In your dissertation, you look at how universities manage to successfully support this group of students amid these competing pressures.
I did a year of intensive ethnographic fieldwork in two universities. Both are Hispanic-serving institutions in the same western state and they both achieve unusually high graduation rates for low-income, first-generation students — [roughly] 25 percentage points above the national average. I found that the faculty, staff, and administration at these universities culturally and structurally center low-income, first-generation students, validate their needs and contributions to the campus, and intentionally direct tangible and intangible resources towards these students.
What kinds of resources?
Intangible resources can be encouragement, validation, and respect. Tangible resources can include financial assistance, extra time on assignments, one-on-one time with counselors, individualized academic support, and food assistance. In both cases, these resources usually emerge from relationships — particularly, consistent interactions with a staff or faculty member who is committed to helping a student achieve their goals and sees that student as a multifaceted human being. Over time, consistent interactions with that type of person generate a supportive and trusting relationship that channels resources to students and serves as a key mediator between the student and this opaque, power-laden environment.
Like a mentorship program?
Mentorship programs are important, but I don’t think we need a program to have consistent, supportive interactions. I think we can embed those in first-year courses by having smaller courses or having overlap between who teaches those courses and is interested in serving as an adviser for first year students. We can try to encourage faculty to adopt practices that prioritize and facilitate building relationships in their classrooms — so, for example, having a face-to-face meeting with everyone in their classroom before week five or to make office hours opt-out rather than opt-in.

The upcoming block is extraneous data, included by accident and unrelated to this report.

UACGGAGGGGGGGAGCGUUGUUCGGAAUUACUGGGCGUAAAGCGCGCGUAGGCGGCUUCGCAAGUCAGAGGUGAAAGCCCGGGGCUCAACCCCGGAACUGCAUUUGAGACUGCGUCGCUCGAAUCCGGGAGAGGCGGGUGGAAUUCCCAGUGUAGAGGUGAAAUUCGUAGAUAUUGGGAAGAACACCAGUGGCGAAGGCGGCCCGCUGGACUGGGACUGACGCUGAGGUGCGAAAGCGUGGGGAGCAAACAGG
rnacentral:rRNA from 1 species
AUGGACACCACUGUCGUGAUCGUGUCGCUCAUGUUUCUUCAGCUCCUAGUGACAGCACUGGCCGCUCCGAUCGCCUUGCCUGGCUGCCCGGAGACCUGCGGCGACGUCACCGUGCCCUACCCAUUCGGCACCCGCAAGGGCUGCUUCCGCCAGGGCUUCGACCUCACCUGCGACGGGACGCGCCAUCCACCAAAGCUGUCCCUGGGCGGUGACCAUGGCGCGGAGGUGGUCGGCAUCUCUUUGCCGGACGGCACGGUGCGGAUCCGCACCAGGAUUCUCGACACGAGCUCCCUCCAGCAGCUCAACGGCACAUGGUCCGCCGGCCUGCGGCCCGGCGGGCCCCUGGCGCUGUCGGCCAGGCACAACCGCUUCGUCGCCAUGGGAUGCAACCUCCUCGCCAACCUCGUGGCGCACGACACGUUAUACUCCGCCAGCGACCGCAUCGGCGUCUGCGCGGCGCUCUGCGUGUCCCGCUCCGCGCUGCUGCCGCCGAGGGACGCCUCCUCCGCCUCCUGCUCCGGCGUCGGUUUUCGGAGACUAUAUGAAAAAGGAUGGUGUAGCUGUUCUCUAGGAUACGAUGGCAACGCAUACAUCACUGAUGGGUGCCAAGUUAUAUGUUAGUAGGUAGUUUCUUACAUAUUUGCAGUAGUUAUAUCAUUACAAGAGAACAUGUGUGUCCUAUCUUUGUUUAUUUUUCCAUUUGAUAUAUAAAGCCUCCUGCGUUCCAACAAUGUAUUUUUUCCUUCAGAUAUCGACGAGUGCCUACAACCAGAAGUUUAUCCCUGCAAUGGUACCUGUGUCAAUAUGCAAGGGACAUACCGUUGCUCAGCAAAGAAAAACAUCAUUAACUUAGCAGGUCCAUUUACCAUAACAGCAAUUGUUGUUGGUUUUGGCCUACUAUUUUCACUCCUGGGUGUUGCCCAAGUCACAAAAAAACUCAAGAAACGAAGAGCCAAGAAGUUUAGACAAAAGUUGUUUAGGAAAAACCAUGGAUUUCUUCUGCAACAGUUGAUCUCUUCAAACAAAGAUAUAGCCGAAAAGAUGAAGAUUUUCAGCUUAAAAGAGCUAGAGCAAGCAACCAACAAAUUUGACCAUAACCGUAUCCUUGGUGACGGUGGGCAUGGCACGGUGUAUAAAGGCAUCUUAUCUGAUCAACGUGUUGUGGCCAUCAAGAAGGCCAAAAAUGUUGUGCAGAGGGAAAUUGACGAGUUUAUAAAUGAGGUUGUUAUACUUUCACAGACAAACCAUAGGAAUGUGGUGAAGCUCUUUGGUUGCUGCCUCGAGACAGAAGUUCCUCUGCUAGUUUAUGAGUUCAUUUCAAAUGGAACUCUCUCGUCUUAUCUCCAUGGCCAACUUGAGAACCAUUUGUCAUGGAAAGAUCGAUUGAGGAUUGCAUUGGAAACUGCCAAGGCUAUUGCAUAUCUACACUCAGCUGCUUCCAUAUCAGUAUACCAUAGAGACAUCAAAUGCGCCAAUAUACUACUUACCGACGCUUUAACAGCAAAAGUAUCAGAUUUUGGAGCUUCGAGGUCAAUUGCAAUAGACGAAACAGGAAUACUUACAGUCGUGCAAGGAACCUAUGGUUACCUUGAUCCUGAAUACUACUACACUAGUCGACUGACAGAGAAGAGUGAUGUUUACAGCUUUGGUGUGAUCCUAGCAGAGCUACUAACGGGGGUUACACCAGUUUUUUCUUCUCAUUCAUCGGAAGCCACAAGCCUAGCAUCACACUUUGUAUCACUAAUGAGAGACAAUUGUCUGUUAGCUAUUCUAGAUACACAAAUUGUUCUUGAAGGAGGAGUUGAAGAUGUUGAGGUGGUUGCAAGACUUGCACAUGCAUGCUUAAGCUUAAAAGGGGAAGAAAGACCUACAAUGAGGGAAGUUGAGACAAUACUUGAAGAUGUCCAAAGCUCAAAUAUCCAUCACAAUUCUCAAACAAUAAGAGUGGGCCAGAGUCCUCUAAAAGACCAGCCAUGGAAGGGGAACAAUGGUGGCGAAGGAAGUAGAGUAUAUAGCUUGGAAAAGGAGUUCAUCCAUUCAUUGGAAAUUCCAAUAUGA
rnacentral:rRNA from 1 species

How else can faculty and administrators better support students?
Reduce the stakes of asking for help. Let students know that you do offer help — like extensions or giving additional feedback on a paper if they don’t understand something. I think we can change the way we have interactions in the classroom. We can also think about orientation as an ongoing series of interactions, rather than a two-day event, especially as students encounter critical parts of the semester, like connecting students to tutoring services offered before midterms.
It seems like that would be helpful to all students.
We have culturally decided that college is a time when you must navigate the system for yourself, and that this is a key step in your process of becoming an independent adult. But in fact, the students who are succeeding are highly resourced, supported, and guided by their families. As a result, the students who struggle internalize this idea that “it must be me. If this system is set up so that those of us who have the effort and want this the most will succeed, I must not be smart enough, driven enough, and this must not be the right place for me.”
I think these kinds of systemic changes can send an important message that counteracts our larger ideology of meritocracy, which is this falsehood that what separates those who succeed and those who don’t is initiative, ability, and effort. We know that isn’t true. So, let’s be honest — everyone needs help and only some students are getting it.